Wednesday, April 19, 2006

La Fizica

On a whim today, I sat in on a 10th-grade physics class. A few

1. I hadn't been in science class since I dropped AP biology two
weeks into my senior year of high school. That was nearly six years ago.

2. Class was taught in much the same way as I envision it in 1970s America. Grigore Fyodorovici, the physics teacher who should have
retired years ago but has no replacement in the village, knew his
material and explained it clearly enough that even I understood it.
He slowed down to ask questions, and at least a few students were
responsive to him.

3. The teacher stopped himself several times in the middle of class to retrieve visual aids from the back room. Today's lesson was about electrical circuits, so he had a transistor radio. Later, he
picked up a transistor to show the measurements written on it in ВµF (if I had taken electrical physics instead of mechanical physics, I would remember what unit of measurement this was).

4. Today there were only six students in the class of 16, and all
of them were girls. All of the boys had cut class. Grigore
Fyodorovici lamented to me after school about the fact that no boys
came, because "they're the ones who really need physics." Girls don't
need physics, he reasoned, because most of them will go into
languages or history. Boys aren't as good at learning languages, but
they are very good at math and science. I pointed out that my host
mother in Costesti worked in a science lab. He conceded that yes,
girls need science, too, because "in the kitchen, there are so many
electrical appliances. Or if they're ironing and they don't know how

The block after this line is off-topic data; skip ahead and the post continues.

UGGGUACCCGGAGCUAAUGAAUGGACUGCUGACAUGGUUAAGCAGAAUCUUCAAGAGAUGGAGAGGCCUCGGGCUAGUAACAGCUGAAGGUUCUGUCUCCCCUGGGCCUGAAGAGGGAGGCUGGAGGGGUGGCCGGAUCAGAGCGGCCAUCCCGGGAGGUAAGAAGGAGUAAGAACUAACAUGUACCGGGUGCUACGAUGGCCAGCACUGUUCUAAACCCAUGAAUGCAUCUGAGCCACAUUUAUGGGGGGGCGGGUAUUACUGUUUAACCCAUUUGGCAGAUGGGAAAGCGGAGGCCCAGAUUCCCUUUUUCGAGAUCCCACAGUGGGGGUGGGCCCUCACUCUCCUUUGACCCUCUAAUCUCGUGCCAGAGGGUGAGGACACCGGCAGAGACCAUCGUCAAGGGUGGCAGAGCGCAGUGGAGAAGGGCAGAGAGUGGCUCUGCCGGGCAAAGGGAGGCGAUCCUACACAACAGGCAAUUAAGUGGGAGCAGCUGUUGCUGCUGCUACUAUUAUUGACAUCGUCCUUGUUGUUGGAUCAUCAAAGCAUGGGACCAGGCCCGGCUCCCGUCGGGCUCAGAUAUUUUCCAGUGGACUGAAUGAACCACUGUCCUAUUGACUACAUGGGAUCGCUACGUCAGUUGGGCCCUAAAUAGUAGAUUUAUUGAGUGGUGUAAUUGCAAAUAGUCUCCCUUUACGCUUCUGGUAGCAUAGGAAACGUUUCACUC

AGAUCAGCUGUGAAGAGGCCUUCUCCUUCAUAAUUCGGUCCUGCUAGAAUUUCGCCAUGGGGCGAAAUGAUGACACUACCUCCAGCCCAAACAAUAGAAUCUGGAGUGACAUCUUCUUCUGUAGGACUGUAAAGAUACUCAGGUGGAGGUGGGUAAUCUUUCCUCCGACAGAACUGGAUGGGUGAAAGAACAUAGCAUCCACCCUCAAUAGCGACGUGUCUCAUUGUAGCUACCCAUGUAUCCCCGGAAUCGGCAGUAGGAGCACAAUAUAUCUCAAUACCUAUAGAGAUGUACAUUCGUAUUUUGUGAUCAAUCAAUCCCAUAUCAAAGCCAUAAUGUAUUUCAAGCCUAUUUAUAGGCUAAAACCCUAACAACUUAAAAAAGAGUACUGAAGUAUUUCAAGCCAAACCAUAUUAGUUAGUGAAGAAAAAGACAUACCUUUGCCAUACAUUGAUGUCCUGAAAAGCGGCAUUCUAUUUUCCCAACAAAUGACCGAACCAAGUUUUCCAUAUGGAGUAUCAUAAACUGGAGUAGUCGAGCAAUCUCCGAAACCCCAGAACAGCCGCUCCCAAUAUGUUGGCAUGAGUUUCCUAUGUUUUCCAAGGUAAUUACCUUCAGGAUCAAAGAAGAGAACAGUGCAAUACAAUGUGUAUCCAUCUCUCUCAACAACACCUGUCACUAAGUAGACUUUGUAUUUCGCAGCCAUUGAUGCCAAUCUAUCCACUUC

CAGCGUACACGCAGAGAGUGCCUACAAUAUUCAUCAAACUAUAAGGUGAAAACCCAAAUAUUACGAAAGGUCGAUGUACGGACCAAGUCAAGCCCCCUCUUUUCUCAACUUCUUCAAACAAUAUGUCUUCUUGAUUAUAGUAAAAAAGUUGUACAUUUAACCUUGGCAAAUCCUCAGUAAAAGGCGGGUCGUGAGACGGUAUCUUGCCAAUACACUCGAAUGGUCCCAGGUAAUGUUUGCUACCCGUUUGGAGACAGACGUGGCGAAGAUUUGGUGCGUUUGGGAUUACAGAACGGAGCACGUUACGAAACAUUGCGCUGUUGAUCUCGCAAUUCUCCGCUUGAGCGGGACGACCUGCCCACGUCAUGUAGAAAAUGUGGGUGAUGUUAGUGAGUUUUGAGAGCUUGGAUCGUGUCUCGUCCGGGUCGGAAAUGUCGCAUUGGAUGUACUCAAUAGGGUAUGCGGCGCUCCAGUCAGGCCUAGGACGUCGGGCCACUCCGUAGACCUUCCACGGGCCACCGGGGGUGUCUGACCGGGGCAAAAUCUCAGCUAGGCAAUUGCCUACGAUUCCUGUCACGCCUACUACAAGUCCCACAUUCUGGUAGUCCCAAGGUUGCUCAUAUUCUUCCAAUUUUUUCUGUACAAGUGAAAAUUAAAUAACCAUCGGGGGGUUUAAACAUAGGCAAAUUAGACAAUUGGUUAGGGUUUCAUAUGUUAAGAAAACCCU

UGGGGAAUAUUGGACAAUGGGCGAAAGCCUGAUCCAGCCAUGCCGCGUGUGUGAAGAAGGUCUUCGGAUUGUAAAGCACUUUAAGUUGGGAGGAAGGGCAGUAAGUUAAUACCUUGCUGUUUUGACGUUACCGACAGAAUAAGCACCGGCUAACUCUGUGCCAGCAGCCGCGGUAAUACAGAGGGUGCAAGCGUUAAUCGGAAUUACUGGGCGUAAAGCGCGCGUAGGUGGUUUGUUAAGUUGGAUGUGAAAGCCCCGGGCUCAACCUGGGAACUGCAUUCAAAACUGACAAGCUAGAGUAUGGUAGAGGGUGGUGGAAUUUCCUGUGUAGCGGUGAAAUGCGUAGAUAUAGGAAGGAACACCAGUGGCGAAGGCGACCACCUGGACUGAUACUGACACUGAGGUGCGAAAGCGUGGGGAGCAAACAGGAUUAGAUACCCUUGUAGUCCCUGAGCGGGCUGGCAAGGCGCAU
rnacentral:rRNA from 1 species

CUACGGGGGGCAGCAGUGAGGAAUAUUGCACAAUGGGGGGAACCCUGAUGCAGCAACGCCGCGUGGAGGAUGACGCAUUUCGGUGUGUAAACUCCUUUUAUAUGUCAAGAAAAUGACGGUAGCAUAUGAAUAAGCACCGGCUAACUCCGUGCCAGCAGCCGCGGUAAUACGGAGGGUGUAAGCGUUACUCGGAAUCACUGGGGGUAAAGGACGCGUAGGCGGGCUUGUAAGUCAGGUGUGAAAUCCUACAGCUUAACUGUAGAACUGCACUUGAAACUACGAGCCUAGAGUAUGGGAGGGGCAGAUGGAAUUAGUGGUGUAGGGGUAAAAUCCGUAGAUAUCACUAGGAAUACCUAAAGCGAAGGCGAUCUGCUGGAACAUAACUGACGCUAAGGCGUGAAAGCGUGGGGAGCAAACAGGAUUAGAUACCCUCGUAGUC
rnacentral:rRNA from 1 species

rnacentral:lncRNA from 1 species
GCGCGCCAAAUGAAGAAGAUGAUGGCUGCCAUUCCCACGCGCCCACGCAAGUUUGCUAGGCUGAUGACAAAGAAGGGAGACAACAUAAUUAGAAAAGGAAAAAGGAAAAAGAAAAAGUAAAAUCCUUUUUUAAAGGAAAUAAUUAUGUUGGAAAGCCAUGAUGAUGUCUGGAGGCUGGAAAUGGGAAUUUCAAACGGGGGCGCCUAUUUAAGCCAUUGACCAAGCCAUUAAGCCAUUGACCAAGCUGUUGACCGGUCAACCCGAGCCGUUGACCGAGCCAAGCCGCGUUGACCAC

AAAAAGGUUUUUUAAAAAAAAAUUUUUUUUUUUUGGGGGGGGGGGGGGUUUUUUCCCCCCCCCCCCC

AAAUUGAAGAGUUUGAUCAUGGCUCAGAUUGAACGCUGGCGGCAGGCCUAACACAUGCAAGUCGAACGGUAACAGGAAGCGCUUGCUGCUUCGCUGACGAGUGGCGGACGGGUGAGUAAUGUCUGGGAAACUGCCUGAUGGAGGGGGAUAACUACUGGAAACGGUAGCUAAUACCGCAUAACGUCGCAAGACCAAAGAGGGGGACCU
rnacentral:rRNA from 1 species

to be safe about it, they could electrocute themselves or ruin the
table." If Lawrence Summers looking for a new school, he would be
welcomed as president of Chisinau State University.

5. I only saw one lesson today, so I couldn't gauge whether science classes in Moldova performed a lot of hands-on experiments. I remember that in all of high school, physics was the most difficult for me to grasp, with the exception of metal shop and computer-aided design classes, which were my lowest grades in high school. What
helped me understand physics were experiments and demonstrations. We had lab tables set up with computers and sensors, and we seemed to perform an experiment every other lesson. But today, I didn't see the room set up for experiments; the desks were in rows instead of in work groups, there were no scientific apparatuses in sight, and there were definitely no computers. Once again, I have no way of knowing after watching one lesson how often these students perform experiments, but it didn't look like that was a focus for the classroom.

So my observations today weren't shining, nor were they condemnatory. You can't make conclusions about the entire curriculum after seeing one under-attended class. Remember, this is part of the same country that launched Sputnik, so they have a history of teaching science well. Even if it is "more for the boys."


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